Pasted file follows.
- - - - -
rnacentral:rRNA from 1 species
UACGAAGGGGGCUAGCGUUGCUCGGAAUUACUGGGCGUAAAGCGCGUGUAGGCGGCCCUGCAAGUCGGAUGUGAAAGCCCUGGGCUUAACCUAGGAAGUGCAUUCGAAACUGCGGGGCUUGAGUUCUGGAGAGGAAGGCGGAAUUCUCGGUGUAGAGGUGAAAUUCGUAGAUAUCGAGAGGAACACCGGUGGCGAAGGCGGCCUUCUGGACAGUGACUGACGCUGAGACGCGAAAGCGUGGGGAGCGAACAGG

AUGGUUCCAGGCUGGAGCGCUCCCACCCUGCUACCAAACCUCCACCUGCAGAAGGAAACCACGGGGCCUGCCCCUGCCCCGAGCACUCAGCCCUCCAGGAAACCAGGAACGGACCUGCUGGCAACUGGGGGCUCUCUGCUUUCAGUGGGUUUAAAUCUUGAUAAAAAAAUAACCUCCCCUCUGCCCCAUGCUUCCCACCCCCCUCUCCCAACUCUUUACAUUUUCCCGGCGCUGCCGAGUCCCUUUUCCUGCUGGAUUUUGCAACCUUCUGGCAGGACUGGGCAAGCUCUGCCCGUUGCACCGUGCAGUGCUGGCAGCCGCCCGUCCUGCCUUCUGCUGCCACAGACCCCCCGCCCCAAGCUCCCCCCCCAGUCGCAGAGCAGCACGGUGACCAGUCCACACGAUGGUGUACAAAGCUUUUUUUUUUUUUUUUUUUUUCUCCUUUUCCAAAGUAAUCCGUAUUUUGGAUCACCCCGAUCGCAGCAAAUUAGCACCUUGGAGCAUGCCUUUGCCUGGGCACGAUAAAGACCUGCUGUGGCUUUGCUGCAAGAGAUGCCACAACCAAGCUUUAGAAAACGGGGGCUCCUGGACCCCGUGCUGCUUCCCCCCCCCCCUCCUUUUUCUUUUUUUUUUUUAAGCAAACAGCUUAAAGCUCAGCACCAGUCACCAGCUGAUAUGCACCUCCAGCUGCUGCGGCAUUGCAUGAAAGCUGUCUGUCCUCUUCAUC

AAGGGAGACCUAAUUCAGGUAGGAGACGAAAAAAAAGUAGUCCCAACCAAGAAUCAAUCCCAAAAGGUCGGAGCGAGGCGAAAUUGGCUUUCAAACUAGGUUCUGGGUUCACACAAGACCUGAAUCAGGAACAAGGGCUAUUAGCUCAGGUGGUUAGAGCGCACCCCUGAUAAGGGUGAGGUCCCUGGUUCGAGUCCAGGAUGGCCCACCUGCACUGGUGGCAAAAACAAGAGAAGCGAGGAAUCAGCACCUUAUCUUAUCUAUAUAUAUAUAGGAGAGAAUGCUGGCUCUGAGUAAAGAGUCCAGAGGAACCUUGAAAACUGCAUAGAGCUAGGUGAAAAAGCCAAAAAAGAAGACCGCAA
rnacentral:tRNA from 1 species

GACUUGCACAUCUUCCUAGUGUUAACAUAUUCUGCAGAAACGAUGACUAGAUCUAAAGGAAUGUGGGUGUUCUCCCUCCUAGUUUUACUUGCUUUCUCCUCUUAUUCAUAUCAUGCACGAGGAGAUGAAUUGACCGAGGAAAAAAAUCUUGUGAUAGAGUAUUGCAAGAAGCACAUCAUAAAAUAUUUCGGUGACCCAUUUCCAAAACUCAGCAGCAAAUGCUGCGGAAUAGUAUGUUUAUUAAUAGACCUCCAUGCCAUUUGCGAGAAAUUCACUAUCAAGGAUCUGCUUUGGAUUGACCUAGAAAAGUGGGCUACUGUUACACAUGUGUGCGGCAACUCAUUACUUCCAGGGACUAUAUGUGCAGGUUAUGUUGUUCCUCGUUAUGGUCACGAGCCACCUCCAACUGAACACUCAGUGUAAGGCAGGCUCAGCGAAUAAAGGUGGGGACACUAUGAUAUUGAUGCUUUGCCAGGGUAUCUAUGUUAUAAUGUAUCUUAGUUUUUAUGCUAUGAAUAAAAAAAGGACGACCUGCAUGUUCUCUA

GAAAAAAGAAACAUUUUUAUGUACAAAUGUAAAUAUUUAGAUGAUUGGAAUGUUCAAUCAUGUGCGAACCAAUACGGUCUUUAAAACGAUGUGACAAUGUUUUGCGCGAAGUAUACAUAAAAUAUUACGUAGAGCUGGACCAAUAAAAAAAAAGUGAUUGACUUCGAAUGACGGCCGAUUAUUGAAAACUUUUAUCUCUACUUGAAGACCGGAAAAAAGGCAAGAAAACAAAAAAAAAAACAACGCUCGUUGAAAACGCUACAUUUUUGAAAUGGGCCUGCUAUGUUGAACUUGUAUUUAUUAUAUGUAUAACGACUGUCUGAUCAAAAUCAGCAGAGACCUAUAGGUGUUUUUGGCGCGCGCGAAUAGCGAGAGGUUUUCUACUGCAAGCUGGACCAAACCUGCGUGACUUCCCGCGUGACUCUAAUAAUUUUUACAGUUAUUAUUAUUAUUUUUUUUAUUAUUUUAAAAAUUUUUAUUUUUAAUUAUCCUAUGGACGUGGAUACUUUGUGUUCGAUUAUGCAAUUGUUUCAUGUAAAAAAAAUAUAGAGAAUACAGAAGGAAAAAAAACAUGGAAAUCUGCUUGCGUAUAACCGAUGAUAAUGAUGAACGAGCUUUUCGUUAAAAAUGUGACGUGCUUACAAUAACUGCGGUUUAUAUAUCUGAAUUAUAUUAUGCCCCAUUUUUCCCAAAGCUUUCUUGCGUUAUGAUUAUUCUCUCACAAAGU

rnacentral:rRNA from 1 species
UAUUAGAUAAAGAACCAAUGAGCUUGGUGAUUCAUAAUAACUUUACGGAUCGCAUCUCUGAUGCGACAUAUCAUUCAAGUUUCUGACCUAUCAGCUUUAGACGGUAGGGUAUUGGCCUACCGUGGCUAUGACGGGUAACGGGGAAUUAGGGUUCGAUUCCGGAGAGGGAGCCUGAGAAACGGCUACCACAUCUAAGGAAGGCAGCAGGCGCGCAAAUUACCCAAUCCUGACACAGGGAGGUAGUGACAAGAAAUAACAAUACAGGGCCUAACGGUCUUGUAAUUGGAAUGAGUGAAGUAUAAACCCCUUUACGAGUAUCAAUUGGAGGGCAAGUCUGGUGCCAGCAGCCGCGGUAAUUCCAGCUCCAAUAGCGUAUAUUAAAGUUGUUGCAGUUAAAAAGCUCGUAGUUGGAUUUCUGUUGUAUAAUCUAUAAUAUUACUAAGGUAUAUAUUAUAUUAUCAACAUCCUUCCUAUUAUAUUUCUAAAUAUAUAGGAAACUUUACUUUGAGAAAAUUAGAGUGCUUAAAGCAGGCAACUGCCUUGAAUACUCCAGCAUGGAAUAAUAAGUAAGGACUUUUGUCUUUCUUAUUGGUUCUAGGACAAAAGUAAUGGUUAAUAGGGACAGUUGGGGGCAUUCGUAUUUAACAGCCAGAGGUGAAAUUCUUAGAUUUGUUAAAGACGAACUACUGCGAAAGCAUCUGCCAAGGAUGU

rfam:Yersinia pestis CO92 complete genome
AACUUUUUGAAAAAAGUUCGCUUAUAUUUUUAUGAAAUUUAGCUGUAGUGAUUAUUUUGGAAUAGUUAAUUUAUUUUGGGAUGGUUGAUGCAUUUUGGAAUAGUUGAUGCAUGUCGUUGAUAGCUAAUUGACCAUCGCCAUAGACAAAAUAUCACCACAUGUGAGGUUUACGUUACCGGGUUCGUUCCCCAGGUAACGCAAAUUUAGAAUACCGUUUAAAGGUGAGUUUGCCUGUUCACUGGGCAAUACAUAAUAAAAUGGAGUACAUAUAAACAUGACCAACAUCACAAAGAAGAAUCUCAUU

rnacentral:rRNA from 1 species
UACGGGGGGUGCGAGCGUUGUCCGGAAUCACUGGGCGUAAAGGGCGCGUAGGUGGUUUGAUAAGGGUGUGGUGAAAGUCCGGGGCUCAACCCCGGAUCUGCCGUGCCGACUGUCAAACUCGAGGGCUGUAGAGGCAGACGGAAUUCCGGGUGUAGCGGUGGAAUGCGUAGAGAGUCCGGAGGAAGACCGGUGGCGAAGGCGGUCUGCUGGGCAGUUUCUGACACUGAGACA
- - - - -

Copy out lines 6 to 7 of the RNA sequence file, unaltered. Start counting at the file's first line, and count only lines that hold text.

GACUUGCACAUCUUCCUAGUGUUAACAUAUUCUGCAGAAACGAUGACUAGAUCUAAAGGAAUGUGGGUGUUCUCCCUCCUAGUUUUACUUGCUUUCUCCUCUUAUUCAUAUCAUGCACGAGGAGAUGAAUUGACCGAGGAAAAAAAUCUUGUGAUAGAGUAUUGCAAGAAGCACAUCAUAAAAUAUUUCGGUGACCCAUUUCCAAAACUCAGCAGCAAAUGCUGCGGAAUAGUAUGUUUAUUAAUAGACCUCCAUGCCAUUUGCGAGAAAUUCACUAUCAAGGAUCUGCUUUGGAUUGACCUAGAAAAGUGGGCUACUGUUACACAUGUGUGCGGCAACUCAUUACUUCCAGGGACUAUAUGUGCAGGUUAUGUUGUUCCUCGUUAUGGUCACGAGCCACCUCCAACUGAACACUCAGUGUAAGGCAGGCUCAGCGAAUAAAGGUGGGGACACUAUGAUAUUGAUGCUUUGCCAGGGUAUCUAUGUUAUAAUGUAUCUUAGUUUUUAUGCUAUGAAUAAAAAAAGGACGACCUGCAUGUUCUCUA

GAAAAAAGAAACAUUUUUAUGUACAAAUGUAAAUAUUUAGAUGAUUGGAAUGUUCAAUCAUGUGCGAACCAAUACGGUCUUUAAAACGAUGUGACAAUGUUUUGCGCGAAGUAUACAUAAAAUAUUACGUAGAGCUGGACCAAUAAAAAAAAAGUGAUUGACUUCGAAUGACGGCCGAUUAUUGAAAACUUUUAUCUCUACUUGAAGACCGGAAAAAAGGCAAGAAAACAAAAAAAAAAACAACGCUCGUUGAAAACGCUACAUUUUUGAAAUGGGCCUGCUAUGUUGAACUUGUAUUUAUUAUAUGUAUAACGACUGUCUGAUCAAAAUCAGCAGAGACCUAUAGGUGUUUUUGGCGCGCGCGAAUAGCGAGAGGUUUUCUACUGCAAGCUGGACCAAACCUGCGUGACUUCCCGCGUGACUCUAAUAAUUUUUACAGUUAUUAUUAUUAUUUUUUUUAUUAUUUUAAAAAUUUUUAUUUUUAAUUAUCCUAUGGACGUGGAUACUUUGUGUUCGAUUAUGCAAUUGUUUCAUGUAAAAAAAAUAUAGAGAAUACAGAAGGAAAAAAAACAUGGAAAUCUGCUUGCGUAUAACCGAUGAUAAUGAUGAACGAGCUUUUCGUUAAAAAUGUGACGUGCUUACAAUAACUGCGGUUUAUAUAUCUGAAUUAUAUUAUGCCCCAUUUUUCCCAAAGCUUUCUUGCGUUAUGAUUAUUCUCUCACAAAGU